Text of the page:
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Jane Austen
The Chawton Letters
Edited by Kathryn Sutherland
Bodleian Library Publishing, 2017
The life of Jane Austen has fascinated the millions of readers around the world who cherish her work. A new collection presents an intimate portrait of Austen in her own words, showing the many details of her life that found echoes in her fiction, especially her keen observations of the “little matters”—the routines of reading, dining and taking tea, paying visits to family and friends, and walking to the shops or to send the post.
            Brilliantly edited by Kathryn Sutherland, Jane Austen: The Chawton Letters uses Austen’s letters drawn from the collection held at Jane Austen’s House Museum at her former home in Chawton, Hampshire, to tell her life story. At age twenty-five, Austen left her first home, Steventon, Hampshire, for Bath. In 1809, she moved to Chawton, which was to be her home for the remainder of her short life. In her correspondence, we discover Austen’s relish for her regular visits to the shops and theaters of London, as well as the quieter routines of village life. We learn of her anxieties about the publication of Pride and Prejudice, her care in planning Mansfield Park, and her hilarious negotiations over the publication of Emma.  (To her sister, Cassandra, Austen calls her publisher John Murray, “a Rogue, of course, but a civil one.”) Throughout, the Chawton letters testify to Jane’s close ties with her family, especially her sister, and the most moving letter is written by Cassandra just days after Jane’s death. The collection also reproduces pages from the letters in Austen’s own distinctive hand.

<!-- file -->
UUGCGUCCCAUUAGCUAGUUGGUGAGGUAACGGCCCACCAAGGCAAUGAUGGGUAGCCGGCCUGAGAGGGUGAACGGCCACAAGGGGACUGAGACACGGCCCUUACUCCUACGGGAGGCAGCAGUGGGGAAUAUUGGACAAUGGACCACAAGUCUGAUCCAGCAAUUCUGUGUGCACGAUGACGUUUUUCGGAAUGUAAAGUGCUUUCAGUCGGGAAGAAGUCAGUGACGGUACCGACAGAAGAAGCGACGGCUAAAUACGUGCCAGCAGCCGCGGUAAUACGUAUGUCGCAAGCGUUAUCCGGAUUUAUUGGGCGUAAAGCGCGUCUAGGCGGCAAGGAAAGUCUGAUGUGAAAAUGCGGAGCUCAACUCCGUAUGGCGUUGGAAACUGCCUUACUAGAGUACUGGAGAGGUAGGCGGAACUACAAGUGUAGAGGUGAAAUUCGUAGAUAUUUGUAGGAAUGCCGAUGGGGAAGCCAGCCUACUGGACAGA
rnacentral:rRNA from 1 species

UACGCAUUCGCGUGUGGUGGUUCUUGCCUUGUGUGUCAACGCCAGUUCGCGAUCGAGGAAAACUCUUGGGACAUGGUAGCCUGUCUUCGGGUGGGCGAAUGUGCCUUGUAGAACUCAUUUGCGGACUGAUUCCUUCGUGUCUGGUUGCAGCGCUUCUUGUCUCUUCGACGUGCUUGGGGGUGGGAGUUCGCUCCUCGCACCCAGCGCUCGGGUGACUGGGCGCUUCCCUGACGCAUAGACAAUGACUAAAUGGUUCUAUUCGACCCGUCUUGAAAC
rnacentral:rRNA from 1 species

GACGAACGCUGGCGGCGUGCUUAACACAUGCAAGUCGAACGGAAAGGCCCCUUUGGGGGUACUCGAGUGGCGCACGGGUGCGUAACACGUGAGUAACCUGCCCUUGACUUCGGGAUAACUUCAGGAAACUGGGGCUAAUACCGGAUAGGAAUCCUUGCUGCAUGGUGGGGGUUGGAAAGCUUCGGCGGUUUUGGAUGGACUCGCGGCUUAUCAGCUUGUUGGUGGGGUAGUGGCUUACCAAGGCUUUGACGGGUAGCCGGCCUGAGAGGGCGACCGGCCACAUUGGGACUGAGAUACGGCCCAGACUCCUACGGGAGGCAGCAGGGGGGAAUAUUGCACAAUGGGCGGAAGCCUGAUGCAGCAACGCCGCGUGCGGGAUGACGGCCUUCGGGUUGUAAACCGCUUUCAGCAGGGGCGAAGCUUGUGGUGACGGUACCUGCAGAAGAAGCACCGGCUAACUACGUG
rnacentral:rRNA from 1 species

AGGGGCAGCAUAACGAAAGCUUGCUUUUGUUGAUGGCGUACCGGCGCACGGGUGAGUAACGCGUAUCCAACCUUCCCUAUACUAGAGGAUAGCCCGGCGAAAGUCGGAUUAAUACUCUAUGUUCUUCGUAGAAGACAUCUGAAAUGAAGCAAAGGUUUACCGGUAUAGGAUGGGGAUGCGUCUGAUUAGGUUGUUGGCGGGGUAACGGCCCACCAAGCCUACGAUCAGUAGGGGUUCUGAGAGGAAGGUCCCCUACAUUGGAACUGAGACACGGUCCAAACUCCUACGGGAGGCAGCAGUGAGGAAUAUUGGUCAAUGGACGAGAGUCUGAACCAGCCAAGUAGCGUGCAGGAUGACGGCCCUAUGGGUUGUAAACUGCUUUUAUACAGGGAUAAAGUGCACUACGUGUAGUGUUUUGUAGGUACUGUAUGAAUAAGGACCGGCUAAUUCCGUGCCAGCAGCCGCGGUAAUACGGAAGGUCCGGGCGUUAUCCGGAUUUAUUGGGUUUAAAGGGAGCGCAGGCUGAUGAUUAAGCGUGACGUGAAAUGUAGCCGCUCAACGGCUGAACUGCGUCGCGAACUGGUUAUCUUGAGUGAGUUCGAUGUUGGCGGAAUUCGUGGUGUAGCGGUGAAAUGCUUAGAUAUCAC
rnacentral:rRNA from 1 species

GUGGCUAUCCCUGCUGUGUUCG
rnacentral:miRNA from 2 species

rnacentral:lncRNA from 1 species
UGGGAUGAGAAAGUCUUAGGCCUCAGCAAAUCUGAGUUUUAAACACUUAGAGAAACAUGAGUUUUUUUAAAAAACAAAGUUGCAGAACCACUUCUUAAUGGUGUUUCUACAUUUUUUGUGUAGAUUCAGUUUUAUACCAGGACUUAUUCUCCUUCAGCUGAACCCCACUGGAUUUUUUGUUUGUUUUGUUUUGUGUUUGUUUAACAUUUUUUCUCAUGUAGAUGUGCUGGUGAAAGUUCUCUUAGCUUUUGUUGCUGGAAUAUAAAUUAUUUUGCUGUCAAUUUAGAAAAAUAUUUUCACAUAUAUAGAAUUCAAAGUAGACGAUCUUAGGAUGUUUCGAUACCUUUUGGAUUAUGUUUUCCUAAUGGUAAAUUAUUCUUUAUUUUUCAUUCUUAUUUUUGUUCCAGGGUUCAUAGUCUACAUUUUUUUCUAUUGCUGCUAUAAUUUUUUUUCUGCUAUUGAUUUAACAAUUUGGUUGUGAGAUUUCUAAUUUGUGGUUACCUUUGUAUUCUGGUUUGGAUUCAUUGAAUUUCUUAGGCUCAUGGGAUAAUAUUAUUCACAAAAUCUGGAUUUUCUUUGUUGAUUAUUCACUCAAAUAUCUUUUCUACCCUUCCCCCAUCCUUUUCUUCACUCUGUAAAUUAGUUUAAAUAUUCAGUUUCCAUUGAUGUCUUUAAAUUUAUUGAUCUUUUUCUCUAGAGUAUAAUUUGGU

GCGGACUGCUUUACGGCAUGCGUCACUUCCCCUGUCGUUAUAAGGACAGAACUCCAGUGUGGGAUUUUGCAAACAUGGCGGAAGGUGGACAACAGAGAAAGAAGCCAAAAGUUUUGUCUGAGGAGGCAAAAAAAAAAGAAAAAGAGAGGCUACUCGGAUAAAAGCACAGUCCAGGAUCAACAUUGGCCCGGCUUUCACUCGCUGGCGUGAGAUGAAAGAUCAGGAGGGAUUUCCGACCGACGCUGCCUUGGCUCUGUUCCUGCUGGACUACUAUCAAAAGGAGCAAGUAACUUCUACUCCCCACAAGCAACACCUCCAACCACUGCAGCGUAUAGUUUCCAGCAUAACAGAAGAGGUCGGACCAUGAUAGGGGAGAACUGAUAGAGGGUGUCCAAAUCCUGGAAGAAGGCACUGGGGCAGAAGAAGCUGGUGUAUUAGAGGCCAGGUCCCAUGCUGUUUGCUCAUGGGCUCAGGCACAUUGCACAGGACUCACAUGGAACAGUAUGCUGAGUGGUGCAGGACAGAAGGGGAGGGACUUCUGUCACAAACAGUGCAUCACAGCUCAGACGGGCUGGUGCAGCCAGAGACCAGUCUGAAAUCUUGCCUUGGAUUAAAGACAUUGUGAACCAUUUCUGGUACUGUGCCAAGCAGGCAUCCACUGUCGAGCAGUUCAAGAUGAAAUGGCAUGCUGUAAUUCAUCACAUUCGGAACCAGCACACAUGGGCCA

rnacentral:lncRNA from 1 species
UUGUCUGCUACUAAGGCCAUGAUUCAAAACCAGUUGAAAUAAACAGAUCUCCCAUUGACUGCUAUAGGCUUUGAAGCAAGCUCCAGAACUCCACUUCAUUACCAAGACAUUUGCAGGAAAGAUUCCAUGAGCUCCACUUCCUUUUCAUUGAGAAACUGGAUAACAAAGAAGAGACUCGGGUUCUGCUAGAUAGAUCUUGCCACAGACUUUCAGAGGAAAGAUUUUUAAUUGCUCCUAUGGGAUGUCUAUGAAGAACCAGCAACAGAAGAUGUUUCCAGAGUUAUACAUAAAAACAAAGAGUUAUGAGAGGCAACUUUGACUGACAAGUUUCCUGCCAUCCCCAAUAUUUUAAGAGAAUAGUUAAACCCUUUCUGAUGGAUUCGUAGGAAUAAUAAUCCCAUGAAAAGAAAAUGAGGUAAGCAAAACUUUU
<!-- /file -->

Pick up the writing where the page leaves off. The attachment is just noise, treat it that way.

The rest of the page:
This collection makes a delightful modern-day keepsake from one of the world’s best-loved writers on the two-hundredth anniversary of her death.

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John Evelyn
A Life of Domesticity
John Dixon Hunt
Reaktion Books, 2018
The great English writer and gardener John Evelyn (1620–1706) kept a diary all his life. Today, this diary is considered an invaluable source of information on more than fifty years of social, cultural, religious, and political life in seventeenth-century England. Evelyn’s work is often overshadowed by the literary contributions of his contemporary and friend, Samuel Pepys. This new biography changes that.

John Dixon Hunt takes a fresh look at the life and work of one of England’s greatest diarists, focusing particularly on Evelyn’s “domesticity.” The book explores Evelyn’s life at home, and perhaps even more importantly, his domestication of foreign ideas and practices in England. During the English Civil Wars, Evelyn traveled extensively throughout Europe, taking in ideas on the management of estate design while abroad to apply them in England. Evelyn’s greatest accomplishment was the import of European garden art to the UK, a feat Hunt puts into context alongside a range of Evelyn’s social and ethical thinking. Illustrated with visual material from Evelyn’s time and from his own pen, the book is an ideal introduction to a hugely important figure in the shaping of early modern Britain.